Week 5: Wide Receiver Roundup
Millionaire alert! This weekend, DraftKings will crown the first millionaire of the fantasy season with its Millionaire Maker contest. The fantasy community is working overtime to study the matchups and construct a dream team. With salary cap limitations, you'll have to dig deeper beyond Antonio Brown and Demaryius Thomas. You will need to insert one or two risky receivers to balance out a roster built around premium talent. And with potentially 80,000 entries to defeat, perfection is the only way. While 12 points make for a strong flex play in your redraft league, that simply will not cut it here. Here are some reasonably priced boom-or-bust receivers who present enough upside to warrant consideration in your lineups.
The Chiefs are hot and had their way with the Patriots this past Monday night. Bowe caught five of six targets for 81 yards but was an afterthought in the second half as the Chiefs ran on seemingly every play. A road matchup versus the 49ers should yield a different game flow since the Niners are more difficult to run on. Brandon Marshall and Michael Floyd have previously exposed San Francisco's secondary. With Donnie Avery out indefinitely due to a sports hernia, Bowe is the Chiefs' lone reliable receiver and very well may be in line for a busy day. This cheap risk-reward option fits the mold of an ideal DraftKings sleeper with big bucks on the line.
Alright, so we are spending a pretty penny on the tenth-most expensive receiver, who plays for a team that loves to run the ball. But the upside here is enormous. Two successful tactics in big-field contests is to fade the high-percentage plays and pair quarterback and receiver tandems. At $6,100, Harvin should be a fairly low-percentage play. Imagine yourself with a Monday Night sweat for a million bucks. The electrifying Harvin is a threat to score any time he touches the ball and will face a Redskins secondary that has had 10 days to think about the whooping Eli Manning, Victor Cruzand Larry Donnell put on them. And the Giants don't have a player like Harvin. His lone TD this season came on the ground, but he has reeled in 15 of 17 targets. The fact that the Seahawks' home-road splits are quite poor implies that this game could be closer than it appears on paper. If the thought of four quarters of Harvin running wild on handoffs, slants, screens and deep routes doesn't excite you, then you are playing the wrong game. Don't forget to team him up with Russell Wilson.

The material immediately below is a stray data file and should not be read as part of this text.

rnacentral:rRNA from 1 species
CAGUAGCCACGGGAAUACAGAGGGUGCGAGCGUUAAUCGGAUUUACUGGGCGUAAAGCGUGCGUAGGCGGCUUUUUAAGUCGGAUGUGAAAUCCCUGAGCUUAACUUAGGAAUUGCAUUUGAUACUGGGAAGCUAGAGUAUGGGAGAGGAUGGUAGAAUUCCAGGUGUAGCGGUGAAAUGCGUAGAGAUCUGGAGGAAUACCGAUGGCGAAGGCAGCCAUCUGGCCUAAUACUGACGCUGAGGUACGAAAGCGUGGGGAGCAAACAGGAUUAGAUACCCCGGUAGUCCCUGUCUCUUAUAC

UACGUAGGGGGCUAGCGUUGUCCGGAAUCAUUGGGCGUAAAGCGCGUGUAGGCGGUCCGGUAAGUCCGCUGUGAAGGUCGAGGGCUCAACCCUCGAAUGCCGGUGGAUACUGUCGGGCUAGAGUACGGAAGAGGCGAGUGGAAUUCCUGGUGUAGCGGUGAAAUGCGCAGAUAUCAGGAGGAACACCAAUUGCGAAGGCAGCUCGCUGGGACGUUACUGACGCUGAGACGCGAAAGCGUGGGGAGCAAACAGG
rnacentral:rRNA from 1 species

Hilton's weekly output is on the rise. His receiving yards have increased each week and had it not been for a reception incorrectly ruled down at the 1-inch line, Hilton would have enjoyed an even greater breakout in Week 4. The third-year receiver's best games have come at home and given the presumed trouble the Colts will face on the ground versus the Ravens, Andrew Luck will attack through the air early and often. That's a good sign for Hilton, who is averaging about 10 targets per game. The Luck-to-Hilton connection may not be a high-percentage play, but it's a strong base to build your roster around.
The collective "No way!" can be heard from here. Save two last-minute red-zone TDs, Jackson has done nothing for his owners. He has caught 13 balls on 35 targets. The targets are there, the efficiency is not. Throughout his career, Jackson has always been a boom-or-bust play optimally suited for best-ball formats. This week's matchup against the Saints is ideal given the Buccaneers will likely be forced to take to the air to keep up with their division rival. With Mike Evans out for a few weeks, Jackson will surely have the eye of Mike Glennon. Additionally, the already depleted Saints defense lost All-Pro safety Jarius Byrd for the season to a knee injury suffered in practice this week. The Saints will be scrambling after Bucs receivers all game long. Give V-Jax a chance to redeem himself.
If you are submitting multiple lineups, you should look to have some exposure to Tate. Prior showing up on the injury report Thursday with a hamstring ailment, he would of been recommended as an all-in play. But fear not; he is listed as probable, and with Calvin Johnson's availability still very much in question, Tate could take on a similar role as last week. For those needing a refresher, Tate was targeted 10 times and topped 100 yards receiving in Week 4. The only thing he lacked was a touchdown. The Bills are more vulnerable to the pass than the run, allowing the 25th-most passing yards per game. Truth is, the injury report may scare off some, making Tate a lower-percentage play than he otherwise would be. Like with all of the names recommended, make an effort to pair your receiver with his respective QB. In this case, Matthew Stafford.
Honorable mentions at less than $4,000
Denard Robinson is listed as a WR and could be in line for substantial volume should Toby Gerhart continue to struggle. The Steelers' defense is vulnerable and has already allowed big yardage to Terrance West and Bernard Pierce. … Kenny Britt is talented and if Allen Hurns can torch the Eagles' secondary for two long TDs, so can he. … Jeremy Ross is worth a flier should Megatron be inactive or limited like he was a week ago. … Jermaine Kearse will be targeted in the red zone against the Redskins' horrific secondary, and hey, Harvin can't be featured on every play. … While Keenan Allen and Eddie Royal are both worthy of consideration, Philip Rivers will also take some deep shots at Malcolm Floyd against the Jets' depleted secondary. … Brandon LaFell was the lone bright spot for the Pats in Week 4 and figures to be heavily targeted by Tom Brady. … Kenny Stills appears to have recovered from a nagging quad injury and can easily get loose for two long touchdowns against a vulnerable Bucs secondary.